I think you’ll agree that I’ve been doing a pretty good job of posting on a M-W-F schedule, but how long before I run out of things to say? And should I post less frequently but spend more time writing and editing the posts I do publish?
Rather than wrestling with this question by myself, I’ve provided a poll where you can express your opinion. Actually, this is just a transparent example to play around with the polling feature, but that doesn’t mean I’m not interested in the results.
Running and Racing have been important parts of my life for as long as I can remember. I ran Track and Cross Country at Amherst HS, back in the day, and am proud to have been training and competing with the Cambridge Sports Union (CSU) for more than thirty years. If my bones hold out, I hope to continue for another thirty.
Sixteen years ago, I began coaching, first as an Asst. Coach at Newton North HS in Newton, MA, and for the past ten years, as Head Track and Cross Country Coach at Concord Academy in Concord, Massachusetts.
I've been writing about running for almost as long as I've been running, dating back to high school, when I would write meet summaries for the Amherst Record for about $0.33 per column inch. I've been blogging about running since 2005, and began blogging at "the runner eclectic" in 2014.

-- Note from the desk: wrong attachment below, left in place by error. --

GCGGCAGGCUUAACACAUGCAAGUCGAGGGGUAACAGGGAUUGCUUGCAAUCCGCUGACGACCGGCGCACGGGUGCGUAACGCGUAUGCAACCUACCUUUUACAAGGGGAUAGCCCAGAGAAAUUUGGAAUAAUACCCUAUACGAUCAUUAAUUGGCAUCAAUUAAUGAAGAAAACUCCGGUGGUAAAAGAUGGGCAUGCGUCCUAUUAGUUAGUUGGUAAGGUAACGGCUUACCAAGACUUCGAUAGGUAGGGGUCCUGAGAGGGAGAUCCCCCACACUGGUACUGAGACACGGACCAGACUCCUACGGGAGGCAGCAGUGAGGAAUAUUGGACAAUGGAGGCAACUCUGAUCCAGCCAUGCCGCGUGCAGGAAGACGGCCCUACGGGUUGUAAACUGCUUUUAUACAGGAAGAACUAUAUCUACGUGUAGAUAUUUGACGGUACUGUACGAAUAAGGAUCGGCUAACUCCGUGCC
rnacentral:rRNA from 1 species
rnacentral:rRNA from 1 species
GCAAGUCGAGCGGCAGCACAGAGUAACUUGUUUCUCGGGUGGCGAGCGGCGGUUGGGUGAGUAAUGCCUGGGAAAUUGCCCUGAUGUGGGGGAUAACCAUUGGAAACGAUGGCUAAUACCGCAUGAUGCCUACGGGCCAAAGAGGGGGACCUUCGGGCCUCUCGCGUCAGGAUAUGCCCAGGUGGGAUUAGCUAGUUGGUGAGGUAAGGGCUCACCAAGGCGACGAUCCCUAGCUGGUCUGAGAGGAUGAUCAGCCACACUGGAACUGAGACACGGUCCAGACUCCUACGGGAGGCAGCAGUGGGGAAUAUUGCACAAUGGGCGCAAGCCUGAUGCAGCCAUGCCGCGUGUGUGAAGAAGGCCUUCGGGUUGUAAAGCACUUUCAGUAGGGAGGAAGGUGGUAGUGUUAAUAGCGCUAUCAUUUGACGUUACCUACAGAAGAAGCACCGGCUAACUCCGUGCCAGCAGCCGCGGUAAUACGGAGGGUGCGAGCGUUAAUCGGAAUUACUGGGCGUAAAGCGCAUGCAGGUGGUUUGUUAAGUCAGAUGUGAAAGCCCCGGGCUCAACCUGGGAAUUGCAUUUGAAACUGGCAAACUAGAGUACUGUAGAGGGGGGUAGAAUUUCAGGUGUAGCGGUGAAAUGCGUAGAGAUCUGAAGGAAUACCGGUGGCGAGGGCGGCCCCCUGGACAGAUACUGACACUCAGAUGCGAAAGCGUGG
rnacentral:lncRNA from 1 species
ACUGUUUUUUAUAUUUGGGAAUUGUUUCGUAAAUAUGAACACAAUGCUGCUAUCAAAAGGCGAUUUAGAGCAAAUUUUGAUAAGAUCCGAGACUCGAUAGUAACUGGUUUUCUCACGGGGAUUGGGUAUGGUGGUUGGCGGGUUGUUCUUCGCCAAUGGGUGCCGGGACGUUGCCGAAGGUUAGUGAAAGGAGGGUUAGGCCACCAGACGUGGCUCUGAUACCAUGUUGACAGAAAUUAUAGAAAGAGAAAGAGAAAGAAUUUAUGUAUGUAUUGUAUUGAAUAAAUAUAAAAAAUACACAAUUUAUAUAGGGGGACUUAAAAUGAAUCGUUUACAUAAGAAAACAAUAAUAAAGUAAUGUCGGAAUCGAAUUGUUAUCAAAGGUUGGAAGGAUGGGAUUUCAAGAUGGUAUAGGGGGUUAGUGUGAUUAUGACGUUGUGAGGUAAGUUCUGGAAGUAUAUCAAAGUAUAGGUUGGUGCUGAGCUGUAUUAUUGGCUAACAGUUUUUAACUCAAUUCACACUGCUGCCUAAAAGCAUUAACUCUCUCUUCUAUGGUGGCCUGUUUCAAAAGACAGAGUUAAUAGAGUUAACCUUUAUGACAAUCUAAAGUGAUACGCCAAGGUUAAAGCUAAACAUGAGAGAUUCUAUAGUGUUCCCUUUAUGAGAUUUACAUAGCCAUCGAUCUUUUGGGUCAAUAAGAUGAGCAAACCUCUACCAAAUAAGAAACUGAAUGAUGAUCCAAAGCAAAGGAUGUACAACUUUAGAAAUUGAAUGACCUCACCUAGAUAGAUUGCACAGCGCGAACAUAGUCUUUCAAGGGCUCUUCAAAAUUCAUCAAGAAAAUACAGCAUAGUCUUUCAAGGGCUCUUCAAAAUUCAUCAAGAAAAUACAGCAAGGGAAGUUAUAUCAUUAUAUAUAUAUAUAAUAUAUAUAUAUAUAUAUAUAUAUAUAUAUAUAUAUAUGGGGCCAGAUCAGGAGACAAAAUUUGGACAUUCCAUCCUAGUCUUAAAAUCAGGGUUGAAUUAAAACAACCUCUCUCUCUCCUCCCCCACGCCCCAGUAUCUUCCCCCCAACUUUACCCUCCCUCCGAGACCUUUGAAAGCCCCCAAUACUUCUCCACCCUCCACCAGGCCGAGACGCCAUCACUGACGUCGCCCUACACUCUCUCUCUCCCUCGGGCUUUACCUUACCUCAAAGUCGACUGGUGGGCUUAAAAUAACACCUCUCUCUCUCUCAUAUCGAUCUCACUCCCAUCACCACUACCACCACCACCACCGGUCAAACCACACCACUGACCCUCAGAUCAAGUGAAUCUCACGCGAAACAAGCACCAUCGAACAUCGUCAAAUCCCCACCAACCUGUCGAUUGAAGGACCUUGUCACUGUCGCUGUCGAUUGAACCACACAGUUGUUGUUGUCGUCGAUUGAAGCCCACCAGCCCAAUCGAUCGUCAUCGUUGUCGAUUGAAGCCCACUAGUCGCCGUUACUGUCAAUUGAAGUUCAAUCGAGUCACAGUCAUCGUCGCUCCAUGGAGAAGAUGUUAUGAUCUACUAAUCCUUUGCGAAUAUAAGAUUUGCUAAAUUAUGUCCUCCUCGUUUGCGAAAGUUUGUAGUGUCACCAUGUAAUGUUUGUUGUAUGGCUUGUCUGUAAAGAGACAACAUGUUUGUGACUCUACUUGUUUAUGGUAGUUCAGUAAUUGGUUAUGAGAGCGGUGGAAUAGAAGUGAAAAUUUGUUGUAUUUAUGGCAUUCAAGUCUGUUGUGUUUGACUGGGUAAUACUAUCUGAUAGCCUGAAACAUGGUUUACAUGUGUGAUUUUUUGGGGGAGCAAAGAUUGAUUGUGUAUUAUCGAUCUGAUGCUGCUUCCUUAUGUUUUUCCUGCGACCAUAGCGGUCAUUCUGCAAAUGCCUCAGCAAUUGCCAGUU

Until recently I also had a day job, working full-time as a Technical Product Manager for Nuance Communications, based in Burlington, MA. But I am now on what might turn out to be a permanent sabbatical.
Thank you for reading my blog, and please consider leaving a comment.
Or, possible suggestion — if you get tired of doing three new posts each week, you could occasionally bring back a “best of” from previous blogs. They do it all the time on NPR.
Thanks to the nor’easter currently winding down, I ran on soft fresh snow this morning and was thinking that you’d written something along the lines of “the seduction of the soft”. Even though I was going slowly, with short strides for more stability, I could feel the kinetic energy being drained away with each foot plant. That’s my rationale, anyway, for calling it a trail run instead of a junk run.
I also liked the one when you spontaneously decided one morning to run a marathon that day.